Philip_Yip
5 Iridium

Re: If I had to replace an SSD, would I have to re-install all the programs on the HDD?

There needs to be registry entries on the OS Boot Drive for programs to work.

Lets say you installed Microsoft Windows on your SSD and it has the drive letter C:\.

Then you make an Image of this install call it Image1 and you save it to your external Hard Drive E:\.

Then you install Microsoft Office on the D:\. This will create registry entries and program shortcuts on the C:\ Drives.

Then you make an Image of this install call it Image2 and you save it to your external Hard Drive E:\.

If you restore Image1 to C:\ the program shortcuts for Microsoft Office won't be present on D:\. You can go into D:\Program Files\... and launch the .exe but it will fail to launch as there are no registry entries for Microsoft Office on D:\ (and Product Activation issues).

If you restore Image2 to C:\ Microsoft Office will continue to work.

Dr Philip Yip
Tech Enthusiast and Author of the Unofficial Dell Windows Reinstallation Guide

Windows FAQs and OEM Downloads


#IDoNotWorkFor Dell
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Outlier007
1 Nickel

Re: If I had to replace an SSD, would I have to re-install all the programs on the HDD?

Thank-you Philip, that makes sense.  In your first scenario -> if I restore Image1 to C: (the image that only contains Windows and no other programs), how would I remove programs on the HDD if I don't have any other backup?  Do I manually delete the program files and folders in the HDD via Windows Explorer?  Or is there a formal way to uninstall each program?  Would these programs appear in the Control Panel of the new SSD?

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mpo
2 Iron

Re: If I had to replace an SSD, would I have to re-install all the programs on the HDD?


@Outlier007 wrote:

Thanks.  The only thing holding me back from using an SSD is that I've read that it has a limited lifetime based on the number of writes made to it.  That's why I'm thinking of the worst case scenarios.  There are all kinds of tips to consider to decrease the number of writes made to the SSD.  So right now I'm trying to decide if it's worth worrying about all that.  My HDD's have served me well for many years and I've never had a catastrophic data failure before with them (I have an HDD still working fine after 10 years).  Do you think an SSD will fail sooner or later than an HDD (assuming they're both the same age)?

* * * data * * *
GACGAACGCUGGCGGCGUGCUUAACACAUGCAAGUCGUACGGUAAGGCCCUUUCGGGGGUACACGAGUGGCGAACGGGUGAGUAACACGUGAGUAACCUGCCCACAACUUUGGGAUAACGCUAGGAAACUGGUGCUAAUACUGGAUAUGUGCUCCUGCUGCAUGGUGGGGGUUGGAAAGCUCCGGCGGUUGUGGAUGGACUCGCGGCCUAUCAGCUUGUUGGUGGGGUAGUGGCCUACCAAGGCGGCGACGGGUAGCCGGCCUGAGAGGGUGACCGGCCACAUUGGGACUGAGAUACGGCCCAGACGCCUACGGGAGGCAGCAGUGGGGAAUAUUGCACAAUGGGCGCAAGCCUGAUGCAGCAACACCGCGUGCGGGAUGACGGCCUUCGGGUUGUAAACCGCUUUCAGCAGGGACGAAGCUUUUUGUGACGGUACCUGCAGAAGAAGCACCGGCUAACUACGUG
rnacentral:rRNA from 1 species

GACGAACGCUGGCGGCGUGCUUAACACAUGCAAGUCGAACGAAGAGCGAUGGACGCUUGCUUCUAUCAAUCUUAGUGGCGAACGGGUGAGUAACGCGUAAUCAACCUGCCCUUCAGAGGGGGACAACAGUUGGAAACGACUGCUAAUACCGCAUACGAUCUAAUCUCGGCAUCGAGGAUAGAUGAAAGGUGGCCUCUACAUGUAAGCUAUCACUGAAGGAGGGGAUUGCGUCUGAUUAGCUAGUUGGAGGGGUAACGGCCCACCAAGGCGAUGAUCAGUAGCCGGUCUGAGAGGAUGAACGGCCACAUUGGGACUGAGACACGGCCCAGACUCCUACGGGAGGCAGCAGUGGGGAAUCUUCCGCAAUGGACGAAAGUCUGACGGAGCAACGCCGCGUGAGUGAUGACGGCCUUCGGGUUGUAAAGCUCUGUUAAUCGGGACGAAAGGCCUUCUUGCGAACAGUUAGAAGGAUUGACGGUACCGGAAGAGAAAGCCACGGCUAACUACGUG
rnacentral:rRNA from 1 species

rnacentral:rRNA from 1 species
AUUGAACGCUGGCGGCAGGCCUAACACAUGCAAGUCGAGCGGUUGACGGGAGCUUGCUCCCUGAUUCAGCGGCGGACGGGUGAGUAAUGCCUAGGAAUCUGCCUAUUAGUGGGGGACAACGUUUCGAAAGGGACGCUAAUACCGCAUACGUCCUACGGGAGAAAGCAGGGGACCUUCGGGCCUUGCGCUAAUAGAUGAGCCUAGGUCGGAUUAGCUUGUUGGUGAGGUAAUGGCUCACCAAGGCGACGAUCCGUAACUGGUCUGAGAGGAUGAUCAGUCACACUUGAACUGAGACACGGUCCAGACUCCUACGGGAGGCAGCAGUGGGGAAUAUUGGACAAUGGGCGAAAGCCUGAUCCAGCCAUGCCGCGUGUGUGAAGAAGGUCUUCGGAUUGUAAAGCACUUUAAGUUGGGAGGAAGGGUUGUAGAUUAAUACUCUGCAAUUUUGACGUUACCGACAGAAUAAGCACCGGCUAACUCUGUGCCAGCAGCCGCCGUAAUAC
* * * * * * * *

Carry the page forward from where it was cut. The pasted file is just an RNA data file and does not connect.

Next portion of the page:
I wouldn't worry too much about the lifespan of an SSD. My oldest SSD is a Kingston HyperX 240 GB drive.

Checking the drive status, it has 16800+ GB host reads and writes, and 28500 power-on hours. That's over 3.25 years of use. 

It shows that that 98% of the life is left.

There are two types of drives--those that are going to fail and those that have failed. All of my home computers back up to a NAS daily. The NAS gets backed up monthly.

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Philip_Yip
5 Iridium

Re: If I had to replace an SSD, would I have to re-install all the programs on the HDD?

You would have to delete their subfolder in the Program Files folder. They will not show up in add/remove programs unless the image is made after the program is installed (and they have their registry entries in the OS Boot Drive).

Anyway you can use the likes of Macurium Reflect every month or so to make a new image of the OS Boot Drive so you always have a new image to back up from. 

There are a few exceptions where the files in the Program Files and Program Files (x86) folder can be used such as Steam and EA Origin which can have ~100's of GBs worth of game installation files. I document Steam here (I've still to write the EA Origin guide but have the screenshots):

http://dellwindowsreinstallationguide.com/steam-game-installation-files/ 

Dr Philip Yip
Tech Enthusiast and Author of the Unofficial Dell Windows Reinstallation Guide

Windows FAQs and OEM Downloads


#IDoNotWorkFor Dell
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Outlier007
1 Nickel

Re: If I had to replace an SSD, would I have to re-install all the programs on the HDD?

Phillip, do you have an SSD guide for UPlay?  At this time, I'm using that one the most.  UPlay's save game folder is located in the same drive in which UPlay is installed and I haven't been able to figure out a way to change that location.  If I install UPlay on the SSD, then UPlay will write to it every single time I start and finish a game (due to the game syncs).  That could amount to a lot of writes which I wouldn't want for an SSD.  Any way to solve that?  It would suck to buy an SSD and then have to install UPlay on the HDD.